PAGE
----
We can thank BMW’s keenly-priced M135i for the new Golf R’s sub-£30,000 list price, which makes this one of the most competitive price points in the market for enthusiasts.

Conspicuous by its absence is Merc’s 355bhp A45 AMG hatch, which costs a whopping £38,190, sufficient to make you think twice as to whether you need another 59bhp.

SEE ALSO: In a post-AMG world is the 296bhp Golf R fast enough?

The range-topping R starts at £29,900 for the three-door model with a six-speed manual gearbox, or £31,315 when fitted with a six-speed DSG gearbox. The five-door versions cost £30,555 and £31,970 respectively.

For that you get the newly developed version of the 2.0-litre turbocharged four-cylinder EA888 TSI petrol engine introduced in the latest Golf GTI, and also used in the Audi S3. This delivers 296bhp through Volkswagen’s fifth-generation Haldex 4MOTION four-wheel drive system, with 280 lbs ft (380 Nm) of torque available between 1,800 and 5,500 rpm.

Compared with the similar unit in the Golf GTI, the R’s engine has a modified cylinder head, exhaust valves, valve seats and springs, pistons, injection valves and a completely new turbocharger.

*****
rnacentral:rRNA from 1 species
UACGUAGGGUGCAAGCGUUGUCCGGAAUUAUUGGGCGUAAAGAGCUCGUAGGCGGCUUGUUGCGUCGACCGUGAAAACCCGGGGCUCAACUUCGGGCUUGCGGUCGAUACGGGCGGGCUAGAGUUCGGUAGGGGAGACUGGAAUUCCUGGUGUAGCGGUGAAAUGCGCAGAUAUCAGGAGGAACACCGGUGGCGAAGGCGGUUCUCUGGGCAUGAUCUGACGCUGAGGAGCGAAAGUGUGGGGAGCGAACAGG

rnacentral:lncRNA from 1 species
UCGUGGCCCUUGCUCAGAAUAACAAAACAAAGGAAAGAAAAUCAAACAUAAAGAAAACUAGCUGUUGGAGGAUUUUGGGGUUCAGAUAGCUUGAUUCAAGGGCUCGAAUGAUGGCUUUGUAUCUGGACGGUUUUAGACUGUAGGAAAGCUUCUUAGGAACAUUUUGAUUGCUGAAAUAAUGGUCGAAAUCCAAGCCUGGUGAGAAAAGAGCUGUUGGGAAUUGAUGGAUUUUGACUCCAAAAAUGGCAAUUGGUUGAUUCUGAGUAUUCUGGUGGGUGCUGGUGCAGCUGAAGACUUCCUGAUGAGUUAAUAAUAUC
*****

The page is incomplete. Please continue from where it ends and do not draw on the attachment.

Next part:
Performance is a little underwhelming compared to the A45 AMG, but more than respectable in every other context – Zero to 62 mph comes up in 5.3 seconds (0.4 seconds quicker than its predecessor), or 4.9 seconds with the optional DSG gearbox.

While it’s up to 18 per cent more fuel efficient than before with 39.8 mpg (or 40.9 mpg with DSG), and CO2 emissions of 165 g/km (159 g/km with DSG).

Some of this improvement is due to the latest 4MOTION four-wheel drive system, which decouples the rear axle under low loads or when coasting, and can re-engage it in fractions of a second. Up to 100 per cent of the engine’s torque can be distributed to the rear, promising a more playful nature than the outgoing model.

With the optional Adaptive Chassis Control (DCC) comes ‘Race’ mode, which increases damping, modifies its throttle response and alters the shift pattern of the DSG gearbox where fitted.

Like all Mk VII Golfs, the ‘R’ is lighter than its predecessor, with a kerb weight of 1,476 kg (1,495 kg for DSG cars) which amounts to a reduction of around 45 kg. Given the ‘R’s standard all-wheel drive transmission you’d expect it to weigh more than a front-wheel drive Golf GTI, which according to Volkswagen weighs 94kg less when fitted with the optional Performance Pack.

Standard features on the ‘R’ include a new front bumper design with large air inlets, modified radiator grille with ‘R’ logo and daytime running lights that are integrated into the standard bi-xenon headlights. There are also bespoke body-colour sills, and matt chrome-capped door mirrors.

Wheels are unique to the ‘R’, with 18-inch ‘Cadiz’ alloys as standard or 19-inch ‘Pretoria’ alloys an option. Brakes are ventilated and measure 30 mm by 340 mm at the front and 22 mm by 310 mm at the rear.

Inside you’ll find the familiar blue needles on the instrument dials with cloth-trimmed sports seats and Alcantara bolsters. Leather trim is available as an option, as are the usual upgrades available for the Golf GTI and GTD.